Existing cosmetic and medicinal dispensers are limited to application of products to the skin, and do not provide for thermal treatments of the skin. Accordingly, there remains a need in the art for improved dispensers.
This summary is provided to introduce simplified concepts of dispensers with thermal storage applicator tips, which are further described below in the Detailed Description. This summary is not intended to identify essential features of the claimed subject matter, nor is it intended for use in determining the scope of the claimed subject matter.
This disclosure is directed to dispensers with thermal storage tips having relatively high thermal capacities, which are capable of storing and retaining thermal energy. The thermal storage tips may allow a product to be applied locally or topically to a selected area of a surface.
In some implementations, a housing may be coupled to the thermal storage tip and may have a reservoir for product storage. The thermal storage tip may have an application face for applying the product to the user's skin.
In some implementations, the thermal storage tip may comprise a material capable of storing and retaining thermal energy, such a metal, ceramic, composites, and/or other materials that can be heated or cooled and are able to retain the heated or cooled condition for a period of time.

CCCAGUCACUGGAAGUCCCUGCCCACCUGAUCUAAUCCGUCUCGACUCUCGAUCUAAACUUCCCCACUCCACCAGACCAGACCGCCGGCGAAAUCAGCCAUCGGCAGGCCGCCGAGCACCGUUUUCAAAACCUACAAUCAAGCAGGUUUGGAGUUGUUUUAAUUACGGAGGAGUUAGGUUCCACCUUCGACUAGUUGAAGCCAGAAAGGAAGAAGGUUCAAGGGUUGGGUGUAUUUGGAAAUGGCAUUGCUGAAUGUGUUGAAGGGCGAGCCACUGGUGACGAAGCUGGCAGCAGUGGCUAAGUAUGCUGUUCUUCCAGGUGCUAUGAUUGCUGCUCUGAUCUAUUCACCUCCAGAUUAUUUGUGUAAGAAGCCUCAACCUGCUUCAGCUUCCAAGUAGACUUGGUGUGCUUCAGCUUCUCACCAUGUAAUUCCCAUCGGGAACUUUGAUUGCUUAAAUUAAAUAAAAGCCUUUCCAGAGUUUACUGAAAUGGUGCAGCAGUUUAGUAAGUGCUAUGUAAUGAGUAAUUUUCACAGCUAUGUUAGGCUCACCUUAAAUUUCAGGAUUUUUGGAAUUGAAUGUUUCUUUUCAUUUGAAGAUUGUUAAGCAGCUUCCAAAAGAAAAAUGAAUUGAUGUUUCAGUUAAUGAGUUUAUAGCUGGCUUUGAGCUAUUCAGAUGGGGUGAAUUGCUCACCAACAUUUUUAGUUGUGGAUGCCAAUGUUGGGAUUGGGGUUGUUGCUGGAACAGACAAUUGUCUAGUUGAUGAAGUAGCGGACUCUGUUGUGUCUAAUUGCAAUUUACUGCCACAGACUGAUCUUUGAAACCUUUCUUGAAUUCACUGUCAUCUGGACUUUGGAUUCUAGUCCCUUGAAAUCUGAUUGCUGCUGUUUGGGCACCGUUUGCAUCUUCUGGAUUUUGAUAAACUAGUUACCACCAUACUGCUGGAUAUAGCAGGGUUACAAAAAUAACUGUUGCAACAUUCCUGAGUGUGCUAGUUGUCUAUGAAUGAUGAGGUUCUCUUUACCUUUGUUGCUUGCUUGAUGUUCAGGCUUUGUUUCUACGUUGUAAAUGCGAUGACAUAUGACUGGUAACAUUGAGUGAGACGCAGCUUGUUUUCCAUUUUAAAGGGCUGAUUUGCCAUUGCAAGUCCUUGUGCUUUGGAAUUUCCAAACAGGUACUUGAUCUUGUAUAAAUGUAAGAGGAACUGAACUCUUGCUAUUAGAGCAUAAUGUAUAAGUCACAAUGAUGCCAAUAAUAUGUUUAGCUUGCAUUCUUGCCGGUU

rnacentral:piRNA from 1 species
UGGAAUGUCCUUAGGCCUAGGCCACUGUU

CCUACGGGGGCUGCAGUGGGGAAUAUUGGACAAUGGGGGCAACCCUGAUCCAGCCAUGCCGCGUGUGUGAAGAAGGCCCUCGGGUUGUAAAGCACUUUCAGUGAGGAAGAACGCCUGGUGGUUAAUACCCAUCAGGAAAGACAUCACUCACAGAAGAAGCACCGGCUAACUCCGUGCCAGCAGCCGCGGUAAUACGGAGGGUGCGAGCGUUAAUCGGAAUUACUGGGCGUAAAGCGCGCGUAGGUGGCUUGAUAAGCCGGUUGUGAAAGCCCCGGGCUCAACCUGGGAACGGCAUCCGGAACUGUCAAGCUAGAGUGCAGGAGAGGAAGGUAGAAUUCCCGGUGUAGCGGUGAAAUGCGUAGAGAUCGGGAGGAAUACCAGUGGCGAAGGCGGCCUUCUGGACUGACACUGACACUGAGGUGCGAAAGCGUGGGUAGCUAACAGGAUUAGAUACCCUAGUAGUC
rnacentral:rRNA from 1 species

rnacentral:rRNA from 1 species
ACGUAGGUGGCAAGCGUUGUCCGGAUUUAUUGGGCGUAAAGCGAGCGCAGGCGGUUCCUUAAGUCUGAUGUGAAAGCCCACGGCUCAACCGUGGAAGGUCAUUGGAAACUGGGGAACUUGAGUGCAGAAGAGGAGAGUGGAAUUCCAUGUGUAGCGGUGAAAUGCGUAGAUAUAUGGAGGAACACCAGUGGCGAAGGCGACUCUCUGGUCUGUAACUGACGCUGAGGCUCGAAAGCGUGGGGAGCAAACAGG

In still further implementations, thermal storage tips may include an insert or liner. The insert may be positioned generally in the center of the tip and may include a product delivery passageway extending through the thermal storage tip for dispensing a product to the application face.
The detailed description is set forth with reference to the accompanying figures. In the figures, the left-most digit(s) of a reference number identifies the figure in which the reference number first appears. The use of the same reference numbers in different figures indicates similar or identical items.
This disclosure is directed to dispensers with thermal storage tips that are able to store and maintain a level of thermal energy. Thermal storage tips may have an application face comprising various metals, ceramics, composites, and/or other materials that can be heated or cooled and are able to retain the heated or cooled condition for a period of time. A product may be dispensed from the dispenser through the thermal storage tip for application to a user's skin. By virtue of the thermal retention of the tip, thermal energy may be applied to the dispensed product so that it may be heated or cooled during application. Moreover, the application face of the thermal storage tip may transfer heat to or from the user's skin, thereby causing the user to feel a thermal sensation (warm or cool depending on the thermal energy in the thermal storage tip). In some cases, the heat transfer may also minimize or alleviate pain or discomfort caused by damage to the skin.
Illustrative Dispenser with Thermal Storage Tip